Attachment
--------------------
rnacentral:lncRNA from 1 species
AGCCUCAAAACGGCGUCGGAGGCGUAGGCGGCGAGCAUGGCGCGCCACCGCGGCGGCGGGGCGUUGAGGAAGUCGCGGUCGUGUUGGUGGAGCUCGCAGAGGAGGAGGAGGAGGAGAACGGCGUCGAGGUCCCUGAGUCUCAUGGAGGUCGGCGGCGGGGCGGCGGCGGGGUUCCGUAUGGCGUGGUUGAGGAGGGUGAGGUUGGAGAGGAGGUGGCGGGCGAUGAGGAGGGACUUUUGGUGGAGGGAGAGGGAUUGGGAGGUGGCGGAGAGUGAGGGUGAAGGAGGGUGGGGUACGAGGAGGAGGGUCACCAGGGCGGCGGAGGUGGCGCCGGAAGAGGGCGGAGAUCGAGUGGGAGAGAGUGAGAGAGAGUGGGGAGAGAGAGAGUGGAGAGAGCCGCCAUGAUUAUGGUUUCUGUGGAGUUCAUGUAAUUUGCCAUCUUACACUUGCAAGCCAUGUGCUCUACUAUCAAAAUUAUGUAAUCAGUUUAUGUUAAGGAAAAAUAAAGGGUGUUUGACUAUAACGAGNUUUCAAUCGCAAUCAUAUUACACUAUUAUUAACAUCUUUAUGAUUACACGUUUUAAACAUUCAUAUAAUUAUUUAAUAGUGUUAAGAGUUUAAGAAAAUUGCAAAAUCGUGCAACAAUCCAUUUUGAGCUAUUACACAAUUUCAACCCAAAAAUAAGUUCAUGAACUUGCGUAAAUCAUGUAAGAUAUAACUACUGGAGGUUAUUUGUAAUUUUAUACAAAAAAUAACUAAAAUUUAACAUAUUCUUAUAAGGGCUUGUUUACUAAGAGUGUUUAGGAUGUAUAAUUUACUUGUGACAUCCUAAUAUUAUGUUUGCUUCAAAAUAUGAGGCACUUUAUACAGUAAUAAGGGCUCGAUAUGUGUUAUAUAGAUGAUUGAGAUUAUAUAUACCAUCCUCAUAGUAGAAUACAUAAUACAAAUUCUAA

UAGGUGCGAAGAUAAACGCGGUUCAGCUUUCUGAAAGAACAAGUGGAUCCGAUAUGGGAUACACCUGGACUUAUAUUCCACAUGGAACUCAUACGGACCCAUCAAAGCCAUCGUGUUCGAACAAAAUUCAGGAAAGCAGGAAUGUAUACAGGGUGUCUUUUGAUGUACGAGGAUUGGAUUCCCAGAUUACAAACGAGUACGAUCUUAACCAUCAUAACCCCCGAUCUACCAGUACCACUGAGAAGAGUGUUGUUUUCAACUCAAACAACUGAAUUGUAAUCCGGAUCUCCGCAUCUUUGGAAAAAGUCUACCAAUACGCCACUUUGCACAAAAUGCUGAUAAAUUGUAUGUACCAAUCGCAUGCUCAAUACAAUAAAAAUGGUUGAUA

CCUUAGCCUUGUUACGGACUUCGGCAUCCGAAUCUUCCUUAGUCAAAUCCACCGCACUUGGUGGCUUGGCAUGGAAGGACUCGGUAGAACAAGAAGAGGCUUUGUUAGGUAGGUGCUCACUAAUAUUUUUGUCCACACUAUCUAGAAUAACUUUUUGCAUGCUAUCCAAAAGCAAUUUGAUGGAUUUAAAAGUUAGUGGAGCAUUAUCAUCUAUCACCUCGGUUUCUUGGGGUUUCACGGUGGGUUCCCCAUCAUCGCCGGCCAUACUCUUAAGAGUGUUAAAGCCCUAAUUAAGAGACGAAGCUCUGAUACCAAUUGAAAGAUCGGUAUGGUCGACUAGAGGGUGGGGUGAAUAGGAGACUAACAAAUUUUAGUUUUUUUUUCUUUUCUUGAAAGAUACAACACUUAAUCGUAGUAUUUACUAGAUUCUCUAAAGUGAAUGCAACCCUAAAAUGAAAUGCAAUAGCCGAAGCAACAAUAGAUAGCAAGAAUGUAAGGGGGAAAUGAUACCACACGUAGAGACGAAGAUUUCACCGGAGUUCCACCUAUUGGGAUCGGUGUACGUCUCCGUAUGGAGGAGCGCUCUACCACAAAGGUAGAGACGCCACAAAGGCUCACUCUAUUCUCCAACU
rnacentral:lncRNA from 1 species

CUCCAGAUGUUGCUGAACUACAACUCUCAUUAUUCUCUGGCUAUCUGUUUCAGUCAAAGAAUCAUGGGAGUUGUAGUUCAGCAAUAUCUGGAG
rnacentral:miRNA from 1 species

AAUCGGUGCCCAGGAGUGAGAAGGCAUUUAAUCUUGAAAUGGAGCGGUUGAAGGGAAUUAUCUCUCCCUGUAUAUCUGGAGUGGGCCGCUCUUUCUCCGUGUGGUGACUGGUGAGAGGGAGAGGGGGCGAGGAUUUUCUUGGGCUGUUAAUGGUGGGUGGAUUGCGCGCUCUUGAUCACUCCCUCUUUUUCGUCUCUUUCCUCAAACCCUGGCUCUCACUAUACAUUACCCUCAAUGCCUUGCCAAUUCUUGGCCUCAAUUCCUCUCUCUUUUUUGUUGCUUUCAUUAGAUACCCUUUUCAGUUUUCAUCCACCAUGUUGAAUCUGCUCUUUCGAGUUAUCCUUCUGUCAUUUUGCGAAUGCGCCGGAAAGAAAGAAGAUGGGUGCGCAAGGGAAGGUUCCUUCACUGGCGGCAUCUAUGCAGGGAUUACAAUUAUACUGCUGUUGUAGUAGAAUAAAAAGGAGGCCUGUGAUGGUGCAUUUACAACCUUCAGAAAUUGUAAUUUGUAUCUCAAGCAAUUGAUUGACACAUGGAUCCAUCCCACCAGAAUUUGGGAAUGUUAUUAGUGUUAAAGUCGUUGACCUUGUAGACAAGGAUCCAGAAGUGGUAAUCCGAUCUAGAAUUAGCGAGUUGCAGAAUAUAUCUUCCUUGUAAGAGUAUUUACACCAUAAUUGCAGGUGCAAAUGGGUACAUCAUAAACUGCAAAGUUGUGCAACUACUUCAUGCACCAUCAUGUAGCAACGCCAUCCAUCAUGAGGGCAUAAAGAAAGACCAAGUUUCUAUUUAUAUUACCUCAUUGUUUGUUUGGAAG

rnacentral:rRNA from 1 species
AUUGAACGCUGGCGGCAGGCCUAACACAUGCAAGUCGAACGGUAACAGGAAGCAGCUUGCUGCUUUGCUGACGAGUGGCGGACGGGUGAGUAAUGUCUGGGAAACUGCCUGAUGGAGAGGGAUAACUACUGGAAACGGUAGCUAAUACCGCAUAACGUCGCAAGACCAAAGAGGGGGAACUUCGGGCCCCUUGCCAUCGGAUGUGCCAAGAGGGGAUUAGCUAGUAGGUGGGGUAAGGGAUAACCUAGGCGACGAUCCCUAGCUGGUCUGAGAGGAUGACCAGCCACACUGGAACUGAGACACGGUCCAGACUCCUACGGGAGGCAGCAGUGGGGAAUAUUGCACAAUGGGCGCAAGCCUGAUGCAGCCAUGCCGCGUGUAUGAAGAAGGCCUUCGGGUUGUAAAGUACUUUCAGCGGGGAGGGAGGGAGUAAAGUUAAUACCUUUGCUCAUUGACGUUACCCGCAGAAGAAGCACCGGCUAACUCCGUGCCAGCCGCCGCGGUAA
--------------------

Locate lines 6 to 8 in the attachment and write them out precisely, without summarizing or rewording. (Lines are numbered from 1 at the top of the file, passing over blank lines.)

CUCCAGAUGUUGCUGAACUACAACUCUCAUUAUUCUCUGGCUAUCUGUUUCAGUCAAAGAAUCAUGGGAGUUGUAGUUCAGCAAUAUCUGGAG
rnacentral:miRNA from 1 species

AAUCGGUGCCCAGGAGUGAGAAGGCAUUUAAUCUUGAAAUGGAGCGGUUGAAGGGAAUUAUCUCUCCCUGUAUAUCUGGAGUGGGCCGCUCUUUCUCCGUGUGGUGACUGGUGAGAGGGAGAGGGGGCGAGGAUUUUCUUGGGCUGUUAAUGGUGGGUGGAUUGCGCGCUCUUGAUCACUCCCUCUUUUUCGUCUCUUUCCUCAAACCCUGGCUCUCACUAUACAUUACCCUCAAUGCCUUGCCAAUUCUUGGCCUCAAUUCCUCUCUCUUUUUUGUUGCUUUCAUUAGAUACCCUUUUCAGUUUUCAUCCACCAUGUUGAAUCUGCUCUUUCGAGUUAUCCUUCUGUCAUUUUGCGAAUGCGCCGGAAAGAAAGAAGAUGGGUGCGCAAGGGAAGGUUCCUUCACUGGCGGCAUCUAUGCAGGGAUUACAAUUAUACUGCUGUUGUAGUAGAAUAAAAAGGAGGCCUGUGAUGGUGCAUUUACAACCUUCAGAAAUUGUAAUUUGUAUCUCAAGCAAUUGAUUGACACAUGGAUCCAUCCCACCAGAAUUUGGGAAUGUUAUUAGUGUUAAAGUCGUUGACCUUGUAGACAAGGAUCCAGAAGUGGUAAUCCGAUCUAGAAUUAGCGAGUUGCAGAAUAUAUCUUCCUUGUAAGAGUAUUUACACCAUAAUUGCAGGUGCAAAUGGGUACAUCAUAAACUGCAAAGUUGUGCAACUACUUCAUGCACCAUCAUGUAGCAACGCCAUCCAUCAUGAGGGCAUAAAGAAAGACCAAGUUUCUAUUUAUAUUACCUCAUUGUUUGUUUGGAAG